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If there’s one day of the year when everyone has their guard up, it’s April Fool’s Day.

After all, who can put their hand up and say that they have never been duped by an April Fool’s trick?

Some of the classic April Fool’s stunts have gone down in history, such as the BBC’s news report from 1957 showing the annual spaghetti harvest in Switzerland.

Simpler times, you say?

Well, 50 years later the BBC pulled a similar stunt – getting Monty Python’s Terry Jones to star in a short documentary revealing the phenomenon of flying penguins.

And, like the spaghetti hanging from the branches of trees in southern Switzerland, some people believed it.

They believed it because the BBC is a trusted source of information. If some nutter had sat next to you on the bus and tried to convince you that penguins could fly or that you could send a Gmail by making the motion of licking a stamp you probably wouldn’t believe them.

But if you’re lulled into a false sense of confidence about who is sharing the information, don’t verify the facts by checking with trusted and respected alternative sources, or simply forget what day it is then you might be all too easily duped.

Scammers know that the weak link in any organisation is the user. Through social engineering tricks they can trick users into clicking on links, opening poisoned attachments or even handing over their passwords in the mistaken belief that they’re communicating with the IT department or logging into a legitimate website.

The problem is – we should treat every day like it’s April 1st.

Here are five types of computer scam you should look out for – regardless of the date.

That email from your friend wasn’t sent by your friend

If a hacker has hijacked control of a friend or colleague’s email account, they don’t just have access to your friend’s address book. They also have access to past messages that they have sent you, and that you may have exchanged with them.

In short, if they want to, a scammer can easily replicate the style of past messages you have exchanged, refer to past conversations or simply continue an existing message thread.

Being wary of messages from people you know isn’t enough. Sometimes it can be an email from one of your closest contacts that is trying to trick you into making a bad decision. If in doubt, always verify that your friend or colleague really sent you the email – not by emailing them by back, but by – for instance – picking up the telephone instead.

Is that link going where you think it’s going?

The invention of HTML email, with all its fancy fonts, images and colours, was great in some ways – but not necessarily a good step for security. Unlike a plaintext email, simple HTML tricks mean that you cannot always tell where that link is going to take your browser. For instance, where do you think clicking on http://www.example.com will take you?

Online criminals regularly use this trick to dupe users into visiting phishing sites. Hovering your mouse over a link will often help determine where a link might really go before you click it, but there are still tricks that scammers can use in their attempt to fool you…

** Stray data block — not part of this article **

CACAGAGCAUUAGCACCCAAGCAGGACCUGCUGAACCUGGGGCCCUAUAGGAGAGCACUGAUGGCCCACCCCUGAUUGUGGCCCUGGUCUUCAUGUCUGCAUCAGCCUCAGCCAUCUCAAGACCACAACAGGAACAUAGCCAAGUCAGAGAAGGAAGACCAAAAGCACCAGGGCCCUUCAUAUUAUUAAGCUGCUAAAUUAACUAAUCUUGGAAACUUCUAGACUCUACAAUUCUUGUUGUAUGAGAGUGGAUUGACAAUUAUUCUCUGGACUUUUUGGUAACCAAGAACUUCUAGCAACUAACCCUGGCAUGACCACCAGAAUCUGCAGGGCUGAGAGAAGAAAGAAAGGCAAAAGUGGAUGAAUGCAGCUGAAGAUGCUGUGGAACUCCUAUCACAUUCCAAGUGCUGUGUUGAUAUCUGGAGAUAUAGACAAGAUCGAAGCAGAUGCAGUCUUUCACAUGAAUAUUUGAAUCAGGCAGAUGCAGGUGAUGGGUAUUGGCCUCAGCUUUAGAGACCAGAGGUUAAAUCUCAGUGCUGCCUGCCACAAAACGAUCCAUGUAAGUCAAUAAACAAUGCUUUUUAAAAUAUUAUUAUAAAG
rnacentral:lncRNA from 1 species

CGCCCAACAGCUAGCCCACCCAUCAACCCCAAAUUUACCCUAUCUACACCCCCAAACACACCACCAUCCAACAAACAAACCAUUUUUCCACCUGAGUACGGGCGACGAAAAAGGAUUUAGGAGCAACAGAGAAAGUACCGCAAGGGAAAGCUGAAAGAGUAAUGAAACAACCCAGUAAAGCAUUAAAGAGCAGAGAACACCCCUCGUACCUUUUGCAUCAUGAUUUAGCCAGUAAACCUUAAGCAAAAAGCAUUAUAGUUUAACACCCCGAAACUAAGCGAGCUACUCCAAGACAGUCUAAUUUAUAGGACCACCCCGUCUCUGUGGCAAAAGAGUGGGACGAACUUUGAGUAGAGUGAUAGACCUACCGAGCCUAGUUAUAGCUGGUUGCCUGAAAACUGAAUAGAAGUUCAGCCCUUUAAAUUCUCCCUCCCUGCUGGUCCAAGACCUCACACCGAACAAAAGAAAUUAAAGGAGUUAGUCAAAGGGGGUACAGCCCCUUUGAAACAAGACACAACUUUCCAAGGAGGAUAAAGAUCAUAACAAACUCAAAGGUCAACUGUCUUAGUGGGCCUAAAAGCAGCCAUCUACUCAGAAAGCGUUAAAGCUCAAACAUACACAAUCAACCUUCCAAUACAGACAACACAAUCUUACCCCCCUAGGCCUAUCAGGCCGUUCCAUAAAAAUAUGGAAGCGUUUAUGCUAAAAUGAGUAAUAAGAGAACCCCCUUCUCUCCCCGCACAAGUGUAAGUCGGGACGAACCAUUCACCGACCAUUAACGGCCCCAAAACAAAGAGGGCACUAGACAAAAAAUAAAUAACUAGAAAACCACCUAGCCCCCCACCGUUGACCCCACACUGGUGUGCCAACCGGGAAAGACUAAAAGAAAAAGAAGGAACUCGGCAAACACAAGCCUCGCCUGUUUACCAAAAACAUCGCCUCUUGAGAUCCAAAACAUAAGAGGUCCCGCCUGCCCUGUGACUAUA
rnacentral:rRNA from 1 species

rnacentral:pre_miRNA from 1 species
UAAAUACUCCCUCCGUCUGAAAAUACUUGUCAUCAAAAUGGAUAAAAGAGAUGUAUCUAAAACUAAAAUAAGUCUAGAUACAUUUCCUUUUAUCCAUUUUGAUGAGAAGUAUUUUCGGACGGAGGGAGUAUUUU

Is that an L or an I in that URL?

Is this the real Lloyds bank website?

Well, if you’ve got this far in the article you probably guessed that it’s not.

But how come it *looks* like the URL of the Lloyds Bank website?

What you’re seeing here is an IDN homograph attack. There are many different examples, but in this case an attacker could take advantage of the fact that an uppercase letter “i” looks just like a lower case “L” in this particular font.

Is that an attachment or a link?

Once again, scammers have found ways of exploiting HTML email to their own advantage. State of Security’s David Bisson recently described a clever Gmail scam that would probably trick even many technical users.

You receive an email with an attachment at your Gmail account, you click on the attachment, and in a new browser tab you are prompted to re-enter your Google password.

Would you dare enter your credentials?

What’s sneaky about this particular attack is not that the email attachment was infected by malware. No, what’s crafty here is that there was no email attachment in the first place.

What you clicked on, was an embedded image in the email which linked to a phishing page. Craftily the scammer has designed their image to look just like an attachment in Gmail.

Bogus virus warnings

Hopefully we’re all aware of the telephone scammers that prey on the vulnerable, pretending that they’re calling from Google or Microsoft and offering to “help” remove a malware infection that they claim to have detected on a victim’s PC.

You may be suspicious if someone calls you at home claiming to know what’s happening on your computer, but what if your computer itself tells you there’s a problem?

It’s not uncommon today for scammers to exploit users by tricking computers into displaying bogus security warnings – designed to trick the unwary into installing risky software or calling bogus tech support numbers.

If you ever need to call a company, be wary of using the phone number offered to you in an email or in a warning message that has suddenly popped up. It could be someone trying to scam you.

April Fool’s day is almost upon us. Take care on the big day, but more than that – keep your guard up every day of the year.

 

Editor’s Note: The opinions expressed in this guest author article are solely those of the contributor, and do not necessarily reflect those of Tripwire, Inc

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  • Vog Bedrog

    One way to at least reduce the risk of homograph attacks is to change your default system font to a serif font. As a bonus, they’re easier to read – especially at tiny mobile sizes.

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